The 2014 version of the Cincinnati Reds outfield experienced some level of disappoint. Both Jay Bruce and Ryan Ludwick hit below league average in 400 or more plate appearances and Chris Heisey’s 77 wRC+ in 299 PA’s didn’t help. Questions about Billy Hamilton’s bat and contact skills turned into legitimate concerns as the speedy outfielder posted a poor 0.29 BB:K ratio, tied for 122nd among 146 qualified batters. There should be power to be had with Marlon Byrd joining the team and Bruce potentially bouncing back. Just be warned that the rate stats the Reds OF will put up won’t be too pretty.
Marlon Byrd is enjoying a late career bounce-back. The 37-year-old is coming off of back-to-back seasons where he has hit over 20 home runs while posting over 70 runs scored and 80 RBIs. His walk rate in 2013-14 was less than 6% and his strikeout rate has climbed steadily so it isn’t all sunshine and roses. Byrd has upped his K% each season since 2010 with last year’s rate coming at 29%, almost 10% above the (non-pitcher) 19.9% mark. He’s benefited from a .353 and .346 BABIP in 2013-14 respectively and while Byrd does own a career .326 mark, both seasons he’s been on the fortunate end of the batted ball spectrum. It should be noted that in his last two seasons Byrd has hit fly balls at a higher ratio and ground balls less, the opposite of what one would expect given his BABIP. I’m hesitant to cite his above average line drive rate as stringer bias is something that is hard to account for. Sticking strictly with his GB/FB rates (which leave no room for creative classification), Byrd is hitting fly balls more frequently than at any time in his career. His transition from Citizen’s Park to Great American Ball Park should be smooth as both play up his right-handed power. Another season of 20+ home runs seems likely, however Byrd’s rate stats are due to come back down to earth.
Donald Lutz flashed solid power in his low-minor league days but it has failed to translate to the upper-minors. His strikeouts and poor swinging strike rate — 21.8% — limit his offensive upside. Lacking speed as well, Lutz is a replacement level bat.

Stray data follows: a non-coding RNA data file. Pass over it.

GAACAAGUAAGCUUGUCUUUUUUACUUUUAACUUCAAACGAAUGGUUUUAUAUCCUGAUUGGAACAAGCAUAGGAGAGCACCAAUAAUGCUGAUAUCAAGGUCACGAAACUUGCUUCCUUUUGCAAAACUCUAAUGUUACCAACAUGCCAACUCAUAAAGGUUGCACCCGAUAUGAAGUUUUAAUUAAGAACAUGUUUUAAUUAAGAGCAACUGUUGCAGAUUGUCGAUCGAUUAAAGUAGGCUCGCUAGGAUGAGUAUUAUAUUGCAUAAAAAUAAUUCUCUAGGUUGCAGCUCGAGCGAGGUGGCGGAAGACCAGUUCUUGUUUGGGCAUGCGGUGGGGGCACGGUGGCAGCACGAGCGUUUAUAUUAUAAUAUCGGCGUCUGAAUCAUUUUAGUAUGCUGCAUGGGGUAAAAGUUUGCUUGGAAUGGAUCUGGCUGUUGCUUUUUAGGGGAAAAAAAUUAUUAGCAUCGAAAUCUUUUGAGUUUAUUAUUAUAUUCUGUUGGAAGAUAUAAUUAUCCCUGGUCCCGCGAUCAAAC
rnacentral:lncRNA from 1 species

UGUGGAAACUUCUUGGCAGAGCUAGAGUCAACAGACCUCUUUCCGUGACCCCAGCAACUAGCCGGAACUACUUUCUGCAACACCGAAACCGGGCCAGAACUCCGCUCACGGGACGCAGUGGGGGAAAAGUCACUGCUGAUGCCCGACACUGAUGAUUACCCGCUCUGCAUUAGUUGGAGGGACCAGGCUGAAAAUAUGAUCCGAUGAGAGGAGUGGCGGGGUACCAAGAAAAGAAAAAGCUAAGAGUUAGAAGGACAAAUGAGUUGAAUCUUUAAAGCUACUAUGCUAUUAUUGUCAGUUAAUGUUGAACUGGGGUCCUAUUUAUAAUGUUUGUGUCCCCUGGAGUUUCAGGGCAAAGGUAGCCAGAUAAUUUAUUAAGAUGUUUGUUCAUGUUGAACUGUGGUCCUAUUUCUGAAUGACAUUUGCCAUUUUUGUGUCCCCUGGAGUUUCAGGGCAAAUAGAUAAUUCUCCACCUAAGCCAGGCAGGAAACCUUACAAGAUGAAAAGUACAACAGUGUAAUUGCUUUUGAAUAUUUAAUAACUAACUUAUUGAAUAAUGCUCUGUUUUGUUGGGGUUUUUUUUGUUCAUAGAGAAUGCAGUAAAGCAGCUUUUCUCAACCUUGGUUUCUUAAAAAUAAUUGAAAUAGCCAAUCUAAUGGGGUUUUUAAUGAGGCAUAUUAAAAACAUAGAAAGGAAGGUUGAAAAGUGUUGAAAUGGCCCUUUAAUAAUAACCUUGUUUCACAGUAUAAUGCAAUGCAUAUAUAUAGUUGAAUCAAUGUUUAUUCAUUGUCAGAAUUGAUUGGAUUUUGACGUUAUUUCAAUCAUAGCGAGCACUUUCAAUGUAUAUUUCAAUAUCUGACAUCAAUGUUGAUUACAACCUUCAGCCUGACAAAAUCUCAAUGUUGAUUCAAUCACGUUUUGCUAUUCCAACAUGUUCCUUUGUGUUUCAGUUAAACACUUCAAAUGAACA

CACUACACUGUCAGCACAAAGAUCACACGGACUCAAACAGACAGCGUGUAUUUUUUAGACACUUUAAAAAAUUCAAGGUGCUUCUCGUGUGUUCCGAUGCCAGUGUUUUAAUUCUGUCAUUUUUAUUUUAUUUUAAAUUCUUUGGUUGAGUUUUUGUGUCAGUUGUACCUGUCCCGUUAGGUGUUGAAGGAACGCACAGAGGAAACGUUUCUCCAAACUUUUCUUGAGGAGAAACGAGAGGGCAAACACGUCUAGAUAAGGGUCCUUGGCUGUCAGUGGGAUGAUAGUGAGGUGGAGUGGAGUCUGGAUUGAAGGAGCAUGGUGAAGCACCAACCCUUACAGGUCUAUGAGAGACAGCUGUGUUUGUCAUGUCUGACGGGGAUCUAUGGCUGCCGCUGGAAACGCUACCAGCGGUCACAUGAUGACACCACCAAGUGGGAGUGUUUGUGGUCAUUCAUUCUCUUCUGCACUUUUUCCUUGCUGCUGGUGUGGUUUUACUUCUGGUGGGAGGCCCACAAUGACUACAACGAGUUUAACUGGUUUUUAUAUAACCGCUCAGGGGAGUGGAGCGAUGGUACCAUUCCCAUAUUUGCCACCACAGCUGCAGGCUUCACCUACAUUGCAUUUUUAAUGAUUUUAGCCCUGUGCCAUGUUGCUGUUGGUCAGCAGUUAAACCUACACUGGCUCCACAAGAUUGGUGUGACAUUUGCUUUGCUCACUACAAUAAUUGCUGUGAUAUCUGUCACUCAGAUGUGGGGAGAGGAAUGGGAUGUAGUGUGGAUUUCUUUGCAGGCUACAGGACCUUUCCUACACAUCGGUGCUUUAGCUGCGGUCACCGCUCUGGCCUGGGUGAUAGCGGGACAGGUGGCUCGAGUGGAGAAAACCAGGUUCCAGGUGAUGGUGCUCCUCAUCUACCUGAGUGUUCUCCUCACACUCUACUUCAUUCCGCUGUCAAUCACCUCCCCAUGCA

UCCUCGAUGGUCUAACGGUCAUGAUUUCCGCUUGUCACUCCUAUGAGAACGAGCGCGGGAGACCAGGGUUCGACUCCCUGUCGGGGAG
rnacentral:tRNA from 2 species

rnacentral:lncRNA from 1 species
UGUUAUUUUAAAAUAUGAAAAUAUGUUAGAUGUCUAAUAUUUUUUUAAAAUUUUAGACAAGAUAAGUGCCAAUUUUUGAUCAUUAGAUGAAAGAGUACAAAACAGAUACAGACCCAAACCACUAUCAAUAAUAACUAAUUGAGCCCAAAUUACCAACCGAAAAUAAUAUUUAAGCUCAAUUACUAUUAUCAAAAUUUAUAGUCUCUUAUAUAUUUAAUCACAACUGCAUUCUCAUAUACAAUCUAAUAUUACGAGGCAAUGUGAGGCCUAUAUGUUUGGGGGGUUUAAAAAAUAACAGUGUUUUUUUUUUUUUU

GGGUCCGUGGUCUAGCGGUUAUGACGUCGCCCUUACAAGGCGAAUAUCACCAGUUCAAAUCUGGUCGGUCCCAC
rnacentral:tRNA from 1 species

While no one should be excited to draft Skip Schumaker, he is at least eligible at 2B and in the OF. He did undergo season-ending shoulder surgery in September of last year, though it was on his non-throwing shoulder. Schumaker has hit below league average for his career and should only be played if you’r desperate for MI stats.
Roaming the CF pastures will be Billy Hamilton. His speed can’t be doubted but the rest of his offensive game can be. At this point given his rate stats, lack of power and speed, Hamilton is Rajai Davis, only swapping about 20 points of AVG for 20 steals. Despite hitting leadoff all season, Hamilton’s .292 OBP — combined with a poor offensive season from most of his teammates — added up to only 72 runs scored. The old saying of “you can’t steal first” seems to speak to Hamilton as his 83% contact rate last year was above the 79.6% league average, but the weak contact turns him into outs. Right now he’s being drafted in the fifth round, 52nd overall, though he is still a mostly one category player.
Jason Bourgeois offers some speed in a fifth outfield type role, having accrued at least 20 steals in each season of his professional career. Unfortunately Hamilton already has a monopoly on speedy outfielders who struggle at the plate, and thus Bourgeois may find PA’s rather sparse.
The question of “will Jay Bruce bounce back?” is one that was asked throughout most of last season and into the off-season. In the comment section of Scott Strandberg’s Bruce piece is a great comment from reader Bobby Mueller. Of particular note is how Bruce’s strikeouts have risen over the years along with the league average while his dipping walk rate is most alarming. Bruce’s struggles the opposite way last season was another contributor to his struggles. Instead of posting his 102 wRC+ the other way, Bruce’s 2014 saw him post a brutal 48 wRC+ to the opposite field. Add in him hitting a 68 wRC+ up the middle last season versus a 122 mark for his career and we get a much clearer picture. The dip in BABIP and home run totals will likely regress closer to Bruce’s career norms, something Strandberg agrees with, though betting on Bruce with early round draft pick isn’t something I’d wager. Right now his 97 ADP and 26th outfielder off the board seem a touch high for my teams.
In the Minors
Yorman Rodriguez may not be able to crack the starting outfield just yet, but did get a late season call-up last year. Kiley McDaniel believes in Rodriguez’s 60-grade raw power, though be cautious of his strikeouts. Looking at Rodriguez’s minor league rates he owns a 25+% strikeout rate against both left and right-handed pitchers. McDaniel also gave Rodriguez an above average speed rating however he is yet to tally more than 20 steals in any minor league season.
While Jesse Winker may not get a single big league plate appearance this season, keeper and dynasty formats should be excited for him. McDaniel vies Winker’s bat and strike zone control very highly and his power is developing as well. While the counting stats may not blow you away, Winker is a safe bet to be an above average major leaguer.
With Bruce looking to bounce back, Byrd aging and Hamilton struggling to make contact, the Reds outfield lacks an early round stud. Even without a super-star, Hamilton brings value with his legs and both Byrd and Bruce figure to pop 20+ home runs each. If you’re able to parlay a team of hitters with good rate stats to balance things out, all three have a place on 12-team mixed leagues.
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